They introduced themselves, but Farhan already knew her name. It was on the poster outside Prithvi Theatre – a dramatic performance of Shakespeare’s Macbeth. She’d played one of the hags and when the last show was over, Farhan went over and told her in his opinion, her act was ‘bewitching’, and she laughed a throaty laugh. He liked how she sounded, minus the cackle on stage.
“Let me get us some coffee,” she offered, and they headed to the canteen. The lights were put up in a myriad fashion and the seating area bathed in the warm glow from the coloured paper lanterns. They talked over Irish coffee and Farhan could hardly believe everything that was happening. Her foot rubbed against his for a couple of moments, and he caught the look in her dark eyes that he was hoping would turn up soon enough.
This, he thought, is unreal.
It didn’t take too long. Within the next fifteen minutes, they were in a rickshaw, lighting cigarettes and the proximity between them was minimal.
“I love Mumbai winters,” she said, her hands moving over her arms, trying to warm herself up.
“You could hardly call it winter,” Farhan remarked, exhaling an almost opaque cloud of smoke.
“Hey, they’re a really pleasant cold, okay?” she playfully defended, a grin on her face.
“Sure,” he chuckled.
She flicked away her cigarette and the last vestiges of the smoke died in a ruddy purple haze. She gazed ahead at the traffic, personifying silence the first time since he saw her in Macbeth. He had to stop himself from looking at her for too long. She was friendly and everything, but hungry, lecherous stares were a different thing. So he sneaked a look at the rickshaw’s side mirrors and found her dark reflection.
What he saw was inhuman. Her eye sockets sunk into her skull, her cheek bones extremely prominent and highlighted by the red rear light of the car ahead. her face looked deprived of skin, of flesh, of life. She looked haunted.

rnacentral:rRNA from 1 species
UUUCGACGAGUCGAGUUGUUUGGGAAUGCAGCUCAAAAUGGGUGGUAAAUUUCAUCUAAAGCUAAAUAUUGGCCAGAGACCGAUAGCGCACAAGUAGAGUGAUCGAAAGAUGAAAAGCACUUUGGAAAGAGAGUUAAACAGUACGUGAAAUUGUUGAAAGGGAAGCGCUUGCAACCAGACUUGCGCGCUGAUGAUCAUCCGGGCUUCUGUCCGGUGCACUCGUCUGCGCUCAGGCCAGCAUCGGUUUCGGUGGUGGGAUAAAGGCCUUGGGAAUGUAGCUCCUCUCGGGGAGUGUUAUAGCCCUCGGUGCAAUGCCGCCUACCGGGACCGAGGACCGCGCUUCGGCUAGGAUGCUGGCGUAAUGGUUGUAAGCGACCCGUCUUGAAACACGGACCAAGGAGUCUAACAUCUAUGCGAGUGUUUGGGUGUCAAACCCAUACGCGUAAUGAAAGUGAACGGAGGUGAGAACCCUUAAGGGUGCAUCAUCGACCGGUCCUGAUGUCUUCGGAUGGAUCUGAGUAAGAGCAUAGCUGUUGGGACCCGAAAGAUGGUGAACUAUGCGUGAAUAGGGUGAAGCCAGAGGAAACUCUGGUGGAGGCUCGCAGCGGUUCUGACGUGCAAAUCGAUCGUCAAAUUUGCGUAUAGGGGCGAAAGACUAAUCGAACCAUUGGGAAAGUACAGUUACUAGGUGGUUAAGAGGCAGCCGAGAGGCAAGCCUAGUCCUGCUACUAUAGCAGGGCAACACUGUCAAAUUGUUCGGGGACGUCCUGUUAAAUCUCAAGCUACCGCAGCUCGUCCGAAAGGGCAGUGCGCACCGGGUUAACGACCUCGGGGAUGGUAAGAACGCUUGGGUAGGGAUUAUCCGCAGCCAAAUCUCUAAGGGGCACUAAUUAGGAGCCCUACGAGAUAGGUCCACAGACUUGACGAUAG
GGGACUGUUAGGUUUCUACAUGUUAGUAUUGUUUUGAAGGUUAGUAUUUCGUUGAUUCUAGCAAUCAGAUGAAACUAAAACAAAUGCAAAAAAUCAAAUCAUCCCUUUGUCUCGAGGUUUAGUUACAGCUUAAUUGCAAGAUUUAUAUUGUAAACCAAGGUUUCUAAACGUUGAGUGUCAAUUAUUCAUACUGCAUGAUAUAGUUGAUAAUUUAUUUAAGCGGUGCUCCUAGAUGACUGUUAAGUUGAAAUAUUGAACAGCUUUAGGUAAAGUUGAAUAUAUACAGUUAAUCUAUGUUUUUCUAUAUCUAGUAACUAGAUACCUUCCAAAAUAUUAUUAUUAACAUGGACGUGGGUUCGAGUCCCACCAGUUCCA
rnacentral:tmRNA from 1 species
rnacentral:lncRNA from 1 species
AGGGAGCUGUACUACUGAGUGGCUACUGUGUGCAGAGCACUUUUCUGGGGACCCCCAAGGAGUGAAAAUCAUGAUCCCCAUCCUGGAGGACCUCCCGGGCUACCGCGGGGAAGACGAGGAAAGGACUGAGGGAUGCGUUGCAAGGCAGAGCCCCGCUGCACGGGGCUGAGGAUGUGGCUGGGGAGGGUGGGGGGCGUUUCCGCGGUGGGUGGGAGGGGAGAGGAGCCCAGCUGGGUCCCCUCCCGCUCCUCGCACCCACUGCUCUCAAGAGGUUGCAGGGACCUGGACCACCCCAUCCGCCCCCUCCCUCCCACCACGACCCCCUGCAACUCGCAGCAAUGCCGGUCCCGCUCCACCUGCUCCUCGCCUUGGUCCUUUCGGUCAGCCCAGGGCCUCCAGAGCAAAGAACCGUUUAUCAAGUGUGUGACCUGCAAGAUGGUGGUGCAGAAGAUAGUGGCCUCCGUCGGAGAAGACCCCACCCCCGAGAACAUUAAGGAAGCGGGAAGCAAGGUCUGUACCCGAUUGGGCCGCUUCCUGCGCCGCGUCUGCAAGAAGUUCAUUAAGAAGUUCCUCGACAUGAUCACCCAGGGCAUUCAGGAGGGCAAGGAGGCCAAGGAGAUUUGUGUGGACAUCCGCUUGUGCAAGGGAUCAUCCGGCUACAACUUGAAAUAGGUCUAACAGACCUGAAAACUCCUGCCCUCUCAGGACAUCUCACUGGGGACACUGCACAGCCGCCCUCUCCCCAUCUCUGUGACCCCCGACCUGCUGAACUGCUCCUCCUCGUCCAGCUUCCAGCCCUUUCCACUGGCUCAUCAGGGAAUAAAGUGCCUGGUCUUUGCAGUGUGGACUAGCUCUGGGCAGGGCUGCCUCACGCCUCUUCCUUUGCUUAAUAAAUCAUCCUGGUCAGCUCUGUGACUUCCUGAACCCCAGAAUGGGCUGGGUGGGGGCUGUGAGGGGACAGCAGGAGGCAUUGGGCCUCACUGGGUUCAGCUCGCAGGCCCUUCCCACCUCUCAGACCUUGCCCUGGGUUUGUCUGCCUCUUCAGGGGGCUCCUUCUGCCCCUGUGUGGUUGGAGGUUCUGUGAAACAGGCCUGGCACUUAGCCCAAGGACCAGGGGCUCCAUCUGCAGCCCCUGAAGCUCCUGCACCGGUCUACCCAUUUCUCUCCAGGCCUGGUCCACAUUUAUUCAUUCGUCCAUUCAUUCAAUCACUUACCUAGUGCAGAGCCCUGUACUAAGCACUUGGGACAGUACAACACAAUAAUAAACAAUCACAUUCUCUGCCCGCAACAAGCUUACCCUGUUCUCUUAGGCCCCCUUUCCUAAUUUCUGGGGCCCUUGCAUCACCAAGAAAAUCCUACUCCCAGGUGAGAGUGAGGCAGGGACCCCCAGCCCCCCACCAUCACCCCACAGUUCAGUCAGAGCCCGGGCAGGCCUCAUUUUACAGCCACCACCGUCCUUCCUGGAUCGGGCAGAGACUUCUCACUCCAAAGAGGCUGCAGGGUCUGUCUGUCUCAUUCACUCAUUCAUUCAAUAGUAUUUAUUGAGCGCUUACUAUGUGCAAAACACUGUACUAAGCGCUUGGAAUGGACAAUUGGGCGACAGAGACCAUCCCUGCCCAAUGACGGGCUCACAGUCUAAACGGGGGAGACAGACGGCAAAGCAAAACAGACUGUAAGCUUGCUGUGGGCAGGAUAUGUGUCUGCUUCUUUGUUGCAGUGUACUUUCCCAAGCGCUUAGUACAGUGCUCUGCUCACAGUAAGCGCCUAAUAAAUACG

“Thanks for escorting me back home, Farhan,” she said, catching his gaze in the mirror. She turned to look at him, her hand sliding up his sleeve. “It’s not safe to travel these streets so late in the night, you know.”
He didn’t know if it was her touch or her words, but there were goose bumps rioting on his skin. The next moment, her lips were on his. She tasted strange. His mouth was burning.
“What’s wrong?” she asked, breaking the kiss but sliding closer. “Are you uncomfortable?”
“No, it’s just…”
She laughed. Something so unreal about her laugh, something so not human, something repulsive. It nauseated him. He heard short ripping sounds. Her nails were in his leather jacket, reaching and biting into his skin. His throat was jammed. There was no sound.
“I’m sorry, its difficult for me to get out of character once Macbeth is over.”
Nyrah leaned in for another kiss.
There was madness in her eyes, and acid on her lips.